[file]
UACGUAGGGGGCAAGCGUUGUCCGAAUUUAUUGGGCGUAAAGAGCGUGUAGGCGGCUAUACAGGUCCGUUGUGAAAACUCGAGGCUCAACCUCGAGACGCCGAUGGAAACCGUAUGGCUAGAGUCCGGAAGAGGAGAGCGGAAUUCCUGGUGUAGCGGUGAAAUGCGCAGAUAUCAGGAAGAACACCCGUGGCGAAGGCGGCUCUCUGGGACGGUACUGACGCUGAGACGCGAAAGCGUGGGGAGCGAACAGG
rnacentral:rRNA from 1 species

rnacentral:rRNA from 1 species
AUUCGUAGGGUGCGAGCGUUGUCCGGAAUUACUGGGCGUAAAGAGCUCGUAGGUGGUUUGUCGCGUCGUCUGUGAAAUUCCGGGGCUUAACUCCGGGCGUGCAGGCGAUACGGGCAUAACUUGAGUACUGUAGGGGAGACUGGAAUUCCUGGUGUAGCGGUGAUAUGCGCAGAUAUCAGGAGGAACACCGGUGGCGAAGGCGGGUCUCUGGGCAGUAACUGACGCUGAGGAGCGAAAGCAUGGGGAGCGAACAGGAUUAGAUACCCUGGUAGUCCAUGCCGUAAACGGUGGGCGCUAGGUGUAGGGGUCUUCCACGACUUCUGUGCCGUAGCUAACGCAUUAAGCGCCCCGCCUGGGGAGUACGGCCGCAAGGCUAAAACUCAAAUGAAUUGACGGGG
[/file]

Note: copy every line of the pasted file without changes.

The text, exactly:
UACGUAGGGGGCAAGCGUUGUCCGAAUUUAUUGGGCGUAAAGAGCGUGUAGGCGGCUAUACAGGUCCGUUGUGAAAACUCGAGGCUCAACCUCGAGACGCCGAUGGAAACCGUAUGGCUAGAGUCCGGAAGAGGAGAGCGGAAUUCCUGGUGUAGCGGUGAAAUGCGCAGAUAUCAGGAAGAACACCCGUGGCGAAGGCGGCUCUCUGGGACGGUACUGACGCUGAGACGCGAAAGCGUGGGGAGCGAACAGG
rnacentral:rRNA from 1 species

rnacentral:rRNA from 1 species
AUUCGUAGGGUGCGAGCGUUGUCCGGAAUUACUGGGCGUAAAGAGCUCGUAGGUGGUUUGUCGCGUCGUCUGUGAAAUUCCGGGGCUUAACUCCGGGCGUGCAGGCGAUACGGGCAUAACUUGAGUACUGUAGGGGAGACUGGAAUUCCUGGUGUAGCGGUGAUAUGCGCAGAUAUCAGGAGGAACACCGGUGGCGAAGGCGGGUCUCUGGGCAGUAACUGACGCUGAGGAGCGAAAGCAUGGGGAGCGAACAGGAUUAGAUACCCUGGUAGUCCAUGCCGUAAACGGUGGGCGCUAGGUGUAGGGGUCUUCCACGACUUCUGUGCCGUAGCUAACGCAUUAAGCGCCCCGCCUGGGGAGUACGGCCGCAAGGCUAAAACUCAAAUGAAUUGACGGGG